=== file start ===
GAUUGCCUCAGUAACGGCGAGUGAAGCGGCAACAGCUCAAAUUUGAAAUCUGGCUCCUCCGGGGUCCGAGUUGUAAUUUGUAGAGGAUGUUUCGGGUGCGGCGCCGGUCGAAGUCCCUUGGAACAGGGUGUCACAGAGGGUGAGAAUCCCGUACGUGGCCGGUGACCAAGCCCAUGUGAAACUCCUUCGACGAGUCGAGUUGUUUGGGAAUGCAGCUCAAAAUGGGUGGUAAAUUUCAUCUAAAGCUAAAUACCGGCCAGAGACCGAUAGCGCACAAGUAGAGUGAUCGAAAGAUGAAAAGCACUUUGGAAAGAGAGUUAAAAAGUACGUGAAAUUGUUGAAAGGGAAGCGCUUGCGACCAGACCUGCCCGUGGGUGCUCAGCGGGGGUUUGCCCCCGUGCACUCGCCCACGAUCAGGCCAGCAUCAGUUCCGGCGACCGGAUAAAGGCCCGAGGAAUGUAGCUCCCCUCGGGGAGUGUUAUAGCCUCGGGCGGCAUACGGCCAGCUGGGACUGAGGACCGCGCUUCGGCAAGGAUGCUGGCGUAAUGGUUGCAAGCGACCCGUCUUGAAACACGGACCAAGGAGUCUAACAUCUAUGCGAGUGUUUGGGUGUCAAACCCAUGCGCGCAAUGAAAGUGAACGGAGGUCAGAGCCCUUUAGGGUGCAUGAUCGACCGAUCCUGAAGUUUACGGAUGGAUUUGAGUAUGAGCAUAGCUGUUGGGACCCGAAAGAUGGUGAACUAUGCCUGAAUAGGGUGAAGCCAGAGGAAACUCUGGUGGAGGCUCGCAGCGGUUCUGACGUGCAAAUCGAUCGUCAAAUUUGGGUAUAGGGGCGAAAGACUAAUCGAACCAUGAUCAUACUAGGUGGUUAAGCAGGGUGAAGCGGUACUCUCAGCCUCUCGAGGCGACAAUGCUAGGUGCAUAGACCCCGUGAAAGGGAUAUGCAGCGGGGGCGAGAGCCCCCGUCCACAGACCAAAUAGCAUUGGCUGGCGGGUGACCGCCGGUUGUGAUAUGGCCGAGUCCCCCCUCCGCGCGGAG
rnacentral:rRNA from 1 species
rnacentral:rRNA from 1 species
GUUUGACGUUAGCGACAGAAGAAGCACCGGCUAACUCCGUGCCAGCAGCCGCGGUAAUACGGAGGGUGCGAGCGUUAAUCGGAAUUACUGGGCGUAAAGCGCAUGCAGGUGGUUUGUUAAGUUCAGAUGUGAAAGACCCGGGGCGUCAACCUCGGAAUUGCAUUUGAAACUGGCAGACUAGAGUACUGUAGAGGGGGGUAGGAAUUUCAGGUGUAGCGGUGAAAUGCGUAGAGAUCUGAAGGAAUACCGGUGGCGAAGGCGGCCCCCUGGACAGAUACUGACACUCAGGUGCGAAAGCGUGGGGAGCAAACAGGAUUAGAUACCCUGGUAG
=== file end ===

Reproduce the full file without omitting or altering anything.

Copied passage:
GAUUGCCUCAGUAACGGCGAGUGAAGCGGCAACAGCUCAAAUUUGAAAUCUGGCUCCUCCGGGGUCCGAGUUGUAAUUUGUAGAGGAUGUUUCGGGUGCGGCGCCGGUCGAAGUCCCUUGGAACAGGGUGUCACAGAGGGUGAGAAUCCCGUACGUGGCCGGUGACCAAGCCCAUGUGAAACUCCUUCGACGAGUCGAGUUGUUUGGGAAUGCAGCUCAAAAUGGGUGGUAAAUUUCAUCUAAAGCUAAAUACCGGCCAGAGACCGAUAGCGCACAAGUAGAGUGAUCGAAAGAUGAAAAGCACUUUGGAAAGAGAGUUAAAAAGUACGUGAAAUUGUUGAAAGGGAAGCGCUUGCGACCAGACCUGCCCGUGGGUGCUCAGCGGGGGUUUGCCCCCGUGCACUCGCCCACGAUCAGGCCAGCAUCAGUUCCGGCGACCGGAUAAAGGCCCGAGGAAUGUAGCUCCCCUCGGGGAGUGUUAUAGCCUCGGGCGGCAUACGGCCAGCUGGGACUGAGGACCGCGCUUCGGCAAGGAUGCUGGCGUAAUGGUUGCAAGCGACCCGUCUUGAAACACGGACCAAGGAGUCUAACAUCUAUGCGAGUGUUUGGGUGUCAAACCCAUGCGCGCAAUGAAAGUGAACGGAGGUCAGAGCCCUUUAGGGUGCAUGAUCGACCGAUCCUGAAGUUUACGGAUGGAUUUGAGUAUGAGCAUAGCUGUUGGGACCCGAAAGAUGGUGAACUAUGCCUGAAUAGGGUGAAGCCAGAGGAAACUCUGGUGGAGGCUCGCAGCGGUUCUGACGUGCAAAUCGAUCGUCAAAUUUGGGUAUAGGGGCGAAAGACUAAUCGAACCAUGAUCAUACUAGGUGGUUAAGCAGGGUGAAGCGGUACUCUCAGCCUCUCGAGGCGACAAUGCUAGGUGCAUAGACCCCGUGAAAGGGAUAUGCAGCGGGGGCGAGAGCCCCCGUCCACAGACCAAAUAGCAUUGGCUGGCGGGUGACCGCCGGUUGUGAUAUGGCCGAGUCCCCCCUCCGCGCGGAG
rnacentral:rRNA from 1 species
rnacentral:rRNA from 1 species
GUUUGACGUUAGCGACAGAAGAAGCACCGGCUAACUCCGUGCCAGCAGCCGCGGUAAUACGGAGGGUGCGAGCGUUAAUCGGAAUUACUGGGCGUAAAGCGCAUGCAGGUGGUUUGUUAAGUUCAGAUGUGAAAGACCCGGGGCGUCAACCUCGGAAUUGCAUUUGAAACUGGCAGACUAGAGUACUGUAGAGGGGGGUAGGAAUUUCAGGUGUAGCGGUGAAAUGCGUAGAGAUCUGAAGGAAUACCGGUGGCGAAGGCGGCCCCCUGGACAGAUACUGACACUCAGGUGCGAAAGCGUGGGGAGCAAACAGGAUUAGAUACCCUGGUAG